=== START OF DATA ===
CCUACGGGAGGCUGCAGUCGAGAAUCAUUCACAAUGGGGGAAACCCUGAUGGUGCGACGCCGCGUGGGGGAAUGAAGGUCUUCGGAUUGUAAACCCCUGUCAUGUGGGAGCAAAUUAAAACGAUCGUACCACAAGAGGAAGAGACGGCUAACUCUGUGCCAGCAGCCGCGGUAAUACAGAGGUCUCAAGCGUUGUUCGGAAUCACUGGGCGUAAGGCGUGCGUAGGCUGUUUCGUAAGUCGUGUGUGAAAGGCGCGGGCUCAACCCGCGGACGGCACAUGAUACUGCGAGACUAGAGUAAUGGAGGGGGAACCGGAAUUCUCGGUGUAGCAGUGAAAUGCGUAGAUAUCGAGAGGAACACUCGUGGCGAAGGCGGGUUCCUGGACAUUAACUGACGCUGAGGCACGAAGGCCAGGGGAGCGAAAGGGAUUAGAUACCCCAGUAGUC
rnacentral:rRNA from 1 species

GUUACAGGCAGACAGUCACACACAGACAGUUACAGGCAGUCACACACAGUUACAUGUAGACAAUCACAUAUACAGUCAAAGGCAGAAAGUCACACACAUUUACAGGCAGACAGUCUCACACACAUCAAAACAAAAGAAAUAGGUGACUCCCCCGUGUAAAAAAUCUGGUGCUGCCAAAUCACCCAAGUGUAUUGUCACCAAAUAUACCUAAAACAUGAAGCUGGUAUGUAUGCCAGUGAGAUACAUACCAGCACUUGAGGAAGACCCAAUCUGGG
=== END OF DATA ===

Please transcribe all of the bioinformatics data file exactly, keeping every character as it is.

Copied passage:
CCUACGGGAGGCUGCAGUCGAGAAUCAUUCACAAUGGGGGAAACCCUGAUGGUGCGACGCCGCGUGGGGGAAUGAAGGUCUUCGGAUUGUAAACCCCUGUCAUGUGGGAGCAAAUUAAAACGAUCGUACCACAAGAGGAAGAGACGGCUAACUCUGUGCCAGCAGCCGCGGUAAUACAGAGGUCUCAAGCGUUGUUCGGAAUCACUGGGCGUAAGGCGUGCGUAGGCUGUUUCGUAAGUCGUGUGUGAAAGGCGCGGGCUCAACCCGCGGACGGCACAUGAUACUGCGAGACUAGAGUAAUGGAGGGGGAACCGGAAUUCUCGGUGUAGCAGUGAAAUGCGUAGAUAUCGAGAGGAACACUCGUGGCGAAGGCGGGUUCCUGGACAUUAACUGACGCUGAGGCACGAAGGCCAGGGGAGCGAAAGGGAUUAGAUACCCCAGUAGUC
rnacentral:rRNA from 1 species

GUUACAGGCAGACAGUCACACACAGACAGUUACAGGCAGUCACACACAGUUACAUGUAGACAAUCACAUAUACAGUCAAAGGCAGAAAGUCACACACAUUUACAGGCAGACAGUCUCACACACAUCAAAACAAAAGAAAUAGGUGACUCCCCCGUGUAAAAAAUCUGGUGCUGCCAAAUCACCCAAGUGUAUUGUCACCAAAUAUACCUAAAACAUGAAGCUGGUAUGUAUGCCAGUGAGAUACAUACCAGCACUUGAGGAAGACCCAAUCUGGG